SN95 94-98 HISTORY***


Active Member
Mar 29, 2011
Reaction score
After 15 years of the incredibly famous Fox Body Ford Mustang, some enthusiasts were happy to hear about an intended redesign, the 4th full redesign of the

model’s existence. The Fox Body Mustang brought the model line back up from near ruin, caused by the 4 cylinder, low performance Mustang II, and emissions

standards that hurt the performance of the classic Mustangs. Though some hoped for a redesign through several years of the Fox Body, the look should be

credited with putting the Mustang back atop the pony car market once again, right where it belonged.




Prior to its release, this new 1994 Ford Mustang was attributed conceptual drawings showing a sort of futuristic form of the original, but when it debuted the cues

were shown to be hints at best. Dubbed the SN95, this Mustang was far more aerodynamic than any before it, with smooth, rounded lines completely unlike the

Fox Body era. While some people were unhappy with it, the new Mustang sold well and horsepower was up across the board. In place of the anemic 105

horsepower 4-banger was a new 3.8L offering 145 horsepower. The GT received a bump in power up to 215, and, though the Cobra R was MIA in 1994, the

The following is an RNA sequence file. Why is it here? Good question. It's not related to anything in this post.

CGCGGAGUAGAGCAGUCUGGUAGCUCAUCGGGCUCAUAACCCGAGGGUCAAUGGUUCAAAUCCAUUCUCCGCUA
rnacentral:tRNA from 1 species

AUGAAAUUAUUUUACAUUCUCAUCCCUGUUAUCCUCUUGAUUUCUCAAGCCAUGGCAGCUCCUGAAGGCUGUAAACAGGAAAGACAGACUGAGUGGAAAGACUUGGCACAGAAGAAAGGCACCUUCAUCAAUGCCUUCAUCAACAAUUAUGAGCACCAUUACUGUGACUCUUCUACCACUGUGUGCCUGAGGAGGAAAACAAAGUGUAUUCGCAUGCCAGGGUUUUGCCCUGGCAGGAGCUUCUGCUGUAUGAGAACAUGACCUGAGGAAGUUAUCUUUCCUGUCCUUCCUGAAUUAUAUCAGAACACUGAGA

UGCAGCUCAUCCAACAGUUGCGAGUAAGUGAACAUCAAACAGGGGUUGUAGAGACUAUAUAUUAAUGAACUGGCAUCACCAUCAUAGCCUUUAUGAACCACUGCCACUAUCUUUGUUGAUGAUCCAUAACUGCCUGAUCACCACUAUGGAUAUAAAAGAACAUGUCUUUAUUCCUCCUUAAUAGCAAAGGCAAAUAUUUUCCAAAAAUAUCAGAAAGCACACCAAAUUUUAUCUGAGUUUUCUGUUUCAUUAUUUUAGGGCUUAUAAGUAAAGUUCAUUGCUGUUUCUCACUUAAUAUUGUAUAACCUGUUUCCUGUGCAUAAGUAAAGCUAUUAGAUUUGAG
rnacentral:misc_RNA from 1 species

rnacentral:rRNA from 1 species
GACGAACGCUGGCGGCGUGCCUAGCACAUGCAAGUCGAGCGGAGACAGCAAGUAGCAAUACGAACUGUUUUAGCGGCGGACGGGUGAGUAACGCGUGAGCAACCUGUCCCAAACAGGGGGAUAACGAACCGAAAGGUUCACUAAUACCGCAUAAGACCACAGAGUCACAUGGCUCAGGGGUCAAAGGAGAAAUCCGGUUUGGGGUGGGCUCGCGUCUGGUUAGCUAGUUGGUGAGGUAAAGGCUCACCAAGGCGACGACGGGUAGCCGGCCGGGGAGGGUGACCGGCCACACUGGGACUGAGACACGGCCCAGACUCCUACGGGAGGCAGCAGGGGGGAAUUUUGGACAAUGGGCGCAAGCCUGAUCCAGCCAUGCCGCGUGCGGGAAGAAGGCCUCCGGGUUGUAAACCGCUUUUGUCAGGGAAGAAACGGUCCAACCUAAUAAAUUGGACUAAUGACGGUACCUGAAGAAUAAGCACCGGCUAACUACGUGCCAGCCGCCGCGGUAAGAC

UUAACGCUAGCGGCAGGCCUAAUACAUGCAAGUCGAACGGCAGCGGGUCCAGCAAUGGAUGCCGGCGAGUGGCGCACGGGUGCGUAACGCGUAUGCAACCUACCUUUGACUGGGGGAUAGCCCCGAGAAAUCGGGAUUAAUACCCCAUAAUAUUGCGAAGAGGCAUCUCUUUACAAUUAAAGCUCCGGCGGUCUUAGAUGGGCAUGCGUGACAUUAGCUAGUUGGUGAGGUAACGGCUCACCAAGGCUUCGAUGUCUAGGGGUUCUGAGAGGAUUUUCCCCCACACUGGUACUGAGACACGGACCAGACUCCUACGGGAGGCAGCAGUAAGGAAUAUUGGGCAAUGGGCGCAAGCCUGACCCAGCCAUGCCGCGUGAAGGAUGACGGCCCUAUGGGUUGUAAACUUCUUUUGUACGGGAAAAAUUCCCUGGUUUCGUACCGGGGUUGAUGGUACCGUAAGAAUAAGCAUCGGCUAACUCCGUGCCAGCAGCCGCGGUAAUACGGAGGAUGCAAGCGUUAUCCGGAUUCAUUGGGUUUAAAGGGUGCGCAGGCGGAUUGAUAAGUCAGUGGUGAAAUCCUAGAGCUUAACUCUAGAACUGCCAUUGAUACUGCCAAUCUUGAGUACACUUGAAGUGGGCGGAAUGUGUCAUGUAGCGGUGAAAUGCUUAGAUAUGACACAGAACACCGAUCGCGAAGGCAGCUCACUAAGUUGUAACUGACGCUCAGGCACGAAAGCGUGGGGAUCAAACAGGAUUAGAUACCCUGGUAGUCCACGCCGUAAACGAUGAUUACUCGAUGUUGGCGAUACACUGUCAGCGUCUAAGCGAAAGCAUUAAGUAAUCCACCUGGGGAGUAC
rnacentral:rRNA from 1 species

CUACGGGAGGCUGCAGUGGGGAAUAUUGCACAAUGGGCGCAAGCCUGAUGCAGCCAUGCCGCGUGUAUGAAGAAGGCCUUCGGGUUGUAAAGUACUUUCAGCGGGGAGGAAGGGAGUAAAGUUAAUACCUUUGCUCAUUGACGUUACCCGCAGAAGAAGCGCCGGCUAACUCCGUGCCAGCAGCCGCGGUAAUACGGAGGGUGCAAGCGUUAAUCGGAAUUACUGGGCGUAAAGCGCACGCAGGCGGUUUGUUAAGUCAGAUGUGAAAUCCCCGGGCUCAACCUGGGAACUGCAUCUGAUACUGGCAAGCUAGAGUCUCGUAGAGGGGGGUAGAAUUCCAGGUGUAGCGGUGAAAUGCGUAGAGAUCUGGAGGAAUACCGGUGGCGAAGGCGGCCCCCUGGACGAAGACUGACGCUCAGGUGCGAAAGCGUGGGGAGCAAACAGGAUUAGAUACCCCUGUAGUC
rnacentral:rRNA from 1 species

Cobra was back with 240 horsepower. The interior received some upgrades to add more comfort to the model, as well; all of this translating to a rise in cost. In

order to help promote the new 1994 Mustang Cobra, they put it in the public eye in a similar manner to that of the 1964 Mustang: lead the field at the Indy 500.

To commemorate this event, all of the 1000 1994 Ford Mustang Cobra convertibles were “Indy 500 Pace Car†editions.While there was no Cobra R offered for the

1994 model year, late in the 1994 year Roush Performance offered a performance intake system, as well as various suspension upgrades, and this Roush lineup

would remain the same throughout the run of the SN95 Mustang. While the Roush offered a great handling and appearance package, the true Mustang buying

horsepower junkies had another option, as Saleen Industries released the powerful new S-351 which offered 371 horsepower, and if that was not enough, you

could opt for the SR, which built an impressive 480 horsepower, although the SR was very rare with only 2 being built. Overall, the redesigned Mustang was a

success, selling over 10,000 more units than the previous year.



The 1995 Mustang brought about no significant changes to the base model, GT, or Cobra, but the addition of two new trim lines offered enthusiasts two quick

new options. The first, more basic addition was the Mustang GTS. The GTS was basically a stripped down GT, with the performance aspects of the GT, as well as

the badging, but there were no fog lights as found on the GT, and no rear GT wing. Also, the interior was similar to that found in the V6 base model with cloth

manual seats; although a power driver’s seat was an option. The GT gauge cluster was standard on the GTS, but power locks and windows were not. However, if

you chose a GTS, you could order any option that was offered for the base model. This trim line offered someone who wanted the grunt of the GT without the